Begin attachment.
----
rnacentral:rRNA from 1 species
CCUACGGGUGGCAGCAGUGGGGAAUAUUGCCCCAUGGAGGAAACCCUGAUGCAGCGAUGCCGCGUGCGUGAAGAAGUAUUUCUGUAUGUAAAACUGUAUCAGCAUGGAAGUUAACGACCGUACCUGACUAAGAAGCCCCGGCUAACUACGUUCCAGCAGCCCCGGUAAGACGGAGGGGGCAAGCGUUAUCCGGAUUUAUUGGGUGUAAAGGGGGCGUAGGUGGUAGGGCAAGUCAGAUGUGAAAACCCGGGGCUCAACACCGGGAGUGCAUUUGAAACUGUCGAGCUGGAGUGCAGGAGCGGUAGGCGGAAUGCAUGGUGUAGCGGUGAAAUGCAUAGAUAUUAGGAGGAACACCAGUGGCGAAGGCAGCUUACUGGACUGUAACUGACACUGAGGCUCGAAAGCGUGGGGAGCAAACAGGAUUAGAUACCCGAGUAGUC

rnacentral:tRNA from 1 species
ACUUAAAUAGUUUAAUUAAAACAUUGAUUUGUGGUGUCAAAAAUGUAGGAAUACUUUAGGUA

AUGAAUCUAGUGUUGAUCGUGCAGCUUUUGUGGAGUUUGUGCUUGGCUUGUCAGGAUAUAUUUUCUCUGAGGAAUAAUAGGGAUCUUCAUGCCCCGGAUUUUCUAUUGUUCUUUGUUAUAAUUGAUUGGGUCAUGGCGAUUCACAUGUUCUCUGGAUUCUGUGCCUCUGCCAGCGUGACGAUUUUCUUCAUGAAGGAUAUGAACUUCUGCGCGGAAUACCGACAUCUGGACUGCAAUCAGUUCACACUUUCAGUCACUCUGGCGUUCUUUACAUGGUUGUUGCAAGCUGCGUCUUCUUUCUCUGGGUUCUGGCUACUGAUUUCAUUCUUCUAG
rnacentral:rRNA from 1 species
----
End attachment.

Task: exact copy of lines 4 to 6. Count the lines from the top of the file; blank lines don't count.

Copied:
ACUUAAAUAGUUUAAUUAAAACAUUGAUUUGUGGUGUCAAAAAUGUAGGAAUACUUUAGGUA

AUGAAUCUAGUGUUGAUCGUGCAGCUUUUGUGGAGUUUGUGCUUGGCUUGUCAGGAUAUAUUUUCUCUGAGGAAUAAUAGGGAUCUUCAUGCCCCGGAUUUUCUAUUGUUCUUUGUUAUAAUUGAUUGGGUCAUGGCGAUUCACAUGUUCUCUGGAUUCUGUGCCUCUGCCAGCGUGACGAUUUUCUUCAUGAAGGAUAUGAACUUCUGCGCGGAAUACCGACAUCUGGACUGCAAUCAGUUCACACUUUCAGUCACUCUGGCGUUCUUUACAUGGUUGUUGCAAGCUGCGUCUUCUUUCUCUGGGUUCUGGCUACUGAUUUCAUUCUUCUAG
rnacentral:rRNA from 1 species